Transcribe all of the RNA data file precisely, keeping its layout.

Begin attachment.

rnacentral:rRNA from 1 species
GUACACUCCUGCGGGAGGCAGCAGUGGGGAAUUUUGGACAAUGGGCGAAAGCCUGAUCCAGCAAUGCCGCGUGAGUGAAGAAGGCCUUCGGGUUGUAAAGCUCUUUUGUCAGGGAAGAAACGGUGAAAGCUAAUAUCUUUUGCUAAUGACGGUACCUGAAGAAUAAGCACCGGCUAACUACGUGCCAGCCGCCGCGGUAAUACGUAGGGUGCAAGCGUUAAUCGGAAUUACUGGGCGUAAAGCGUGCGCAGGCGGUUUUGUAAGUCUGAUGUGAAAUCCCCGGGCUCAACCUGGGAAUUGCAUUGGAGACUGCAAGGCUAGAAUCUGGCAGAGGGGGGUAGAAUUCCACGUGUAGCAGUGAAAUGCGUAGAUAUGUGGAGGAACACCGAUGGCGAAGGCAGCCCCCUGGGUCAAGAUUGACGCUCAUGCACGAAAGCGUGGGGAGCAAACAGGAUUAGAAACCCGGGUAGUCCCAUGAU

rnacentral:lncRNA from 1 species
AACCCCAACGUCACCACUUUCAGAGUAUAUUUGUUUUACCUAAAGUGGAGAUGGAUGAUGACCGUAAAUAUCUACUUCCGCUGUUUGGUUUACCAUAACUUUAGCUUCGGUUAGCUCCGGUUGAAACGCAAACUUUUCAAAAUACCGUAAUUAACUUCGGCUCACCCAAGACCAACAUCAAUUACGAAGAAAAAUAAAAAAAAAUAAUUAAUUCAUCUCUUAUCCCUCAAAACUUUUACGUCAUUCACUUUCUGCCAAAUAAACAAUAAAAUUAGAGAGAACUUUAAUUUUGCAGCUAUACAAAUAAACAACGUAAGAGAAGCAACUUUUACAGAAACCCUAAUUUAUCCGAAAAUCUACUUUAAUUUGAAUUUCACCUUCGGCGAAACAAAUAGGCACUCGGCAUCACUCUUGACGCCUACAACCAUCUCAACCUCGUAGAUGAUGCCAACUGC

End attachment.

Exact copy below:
rnacentral:rRNA from 1 species
GUACACUCCUGCGGGAGGCAGCAGUGGGGAAUUUUGGACAAUGGGCGAAAGCCUGAUCCAGCAAUGCCGCGUGAGUGAAGAAGGCCUUCGGGUUGUAAAGCUCUUUUGUCAGGGAAGAAACGGUGAAAGCUAAUAUCUUUUGCUAAUGACGGUACCUGAAGAAUAAGCACCGGCUAACUACGUGCCAGCCGCCGCGGUAAUACGUAGGGUGCAAGCGUUAAUCGGAAUUACUGGGCGUAAAGCGUGCGCAGGCGGUUUUGUAAGUCUGAUGUGAAAUCCCCGGGCUCAACCUGGGAAUUGCAUUGGAGACUGCAAGGCUAGAAUCUGGCAGAGGGGGGUAGAAUUCCACGUGUAGCAGUGAAAUGCGUAGAUAUGUGGAGGAACACCGAUGGCGAAGGCAGCCCCCUGGGUCAAGAUUGACGCUCAUGCACGAAAGCGUGGGGAGCAAACAGGAUUAGAAACCCGGGUAGUCCCAUGAU

rnacentral:lncRNA from 1 species
AACCCCAACGUCACCACUUUCAGAGUAUAUUUGUUUUACCUAAAGUGGAGAUGGAUGAUGACCGUAAAUAUCUACUUCCGCUGUUUGGUUUACCAUAACUUUAGCUUCGGUUAGCUCCGGUUGAAACGCAAACUUUUCAAAAUACCGUAAUUAACUUCGGCUCACCCAAGACCAACAUCAAUUACGAAGAAAAAUAAAAAAAAAUAAUUAAUUCAUCUCUUAUCCCUCAAAACUUUUACGUCAUUCACUUUCUGCCAAAUAAACAAUAAAAUUAGAGAGAACUUUAAUUUUGCAGCUAUACAAAUAAACAACGUAAGAGAAGCAACUUUUACAGAAACCCUAAUUUAUCCGAAAAUCUACUUUAAUUUGAAUUUCACCUUCGGCGAAACAAAUAGGCACUCGGCAUCACUCUUGACGCCUACAACCAUCUCAACCUCGUAGAUGAUGCCAACUGC